[UPDATE] MMLA 2015 Earth's Human Layer

full name / name of organization: 
Rebekah Taylor Midwest Modern Language Association
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Special Session MMLA 2015

As both science and the arts engage in conversations about the proposed new geological epoch, the Anthropocene, this interdisciplinary panel seeks papers addressing the "human layer" in turn of the century and early twentieth century literatures. Currently, scientists measure the human layer quantitatively, defining the human in terms of geological impact. But how is the human layer conceived before such sophisticated scientific measurement was possible? Where does the human species—proven to be a geological agent —fit into the division of the Earth into spheres—the lithosphere, biosphere, atmosphere, and hydrosphere? How does the identification of these spheres affect the concept of the human, or does it? Are science and the arts in agreement about where the human fits into these systems or can a study of a particular author or text suggest a difference?

Papers that engage the idea of the noosphere—first proposed to add an additional human layer to the existing four systems—are particularly welcome. Do discussions of a noosphere imply that humans do not belong in the biosphere—the sphere containing life? Does the proposal of a noosphere suggest an understanding that the human is separate, exceptional? What is the distinction? How does modernist literature articulate the noosphere? Is there use in formulating a distinct human layer? Is the noosphere a helpful concept—then and now? In the age of the Anthropocene, the human layer often connotes destruction, but is there a way to make it more positive?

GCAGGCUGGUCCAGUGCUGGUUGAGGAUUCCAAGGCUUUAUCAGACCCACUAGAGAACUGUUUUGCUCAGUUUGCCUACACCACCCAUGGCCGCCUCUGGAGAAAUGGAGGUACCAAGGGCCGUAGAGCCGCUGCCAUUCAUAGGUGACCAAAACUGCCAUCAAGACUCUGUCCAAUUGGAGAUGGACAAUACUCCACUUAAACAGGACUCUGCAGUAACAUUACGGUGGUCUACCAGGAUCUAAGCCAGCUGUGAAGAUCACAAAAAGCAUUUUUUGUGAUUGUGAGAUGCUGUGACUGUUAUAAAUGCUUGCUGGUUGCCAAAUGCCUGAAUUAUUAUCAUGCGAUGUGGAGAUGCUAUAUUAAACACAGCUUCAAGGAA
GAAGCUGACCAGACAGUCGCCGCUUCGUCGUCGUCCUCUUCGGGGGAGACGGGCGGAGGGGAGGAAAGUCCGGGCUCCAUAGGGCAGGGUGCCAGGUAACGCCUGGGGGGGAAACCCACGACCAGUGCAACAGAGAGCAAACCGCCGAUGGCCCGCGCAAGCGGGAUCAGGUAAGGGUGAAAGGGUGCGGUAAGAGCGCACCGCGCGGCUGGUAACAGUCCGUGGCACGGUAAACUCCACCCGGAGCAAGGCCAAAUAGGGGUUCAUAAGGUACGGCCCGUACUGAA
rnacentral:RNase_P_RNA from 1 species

Broadly conceived, papers might address the way in which the human species or an individual interacts with earth systems. Is the human separate or included in these earth systems? Does turn of the century and early twentieth-century literature suggest humans capable of interrupting or altering natural processes, interfering with earth systems, or depict humanity as a system all its own? Papers might even enter the topic through a study of the treatment of air or sky—atmosphere—soil or digging—lithosphere, for example. Is there evidence in literature of the early twentieth century that identification of earth systems affects humanity's conception of itself?

This session will be a 4-person panel or 5-6-person roundtable. Please submit 350-500 word proposal interpreting the "human layer" problem, together with a short biographical note to Rebekah Taylor, Kent State University: rtaylo36@kent.edu by April 5th. Alternative presentation styles are also welcome.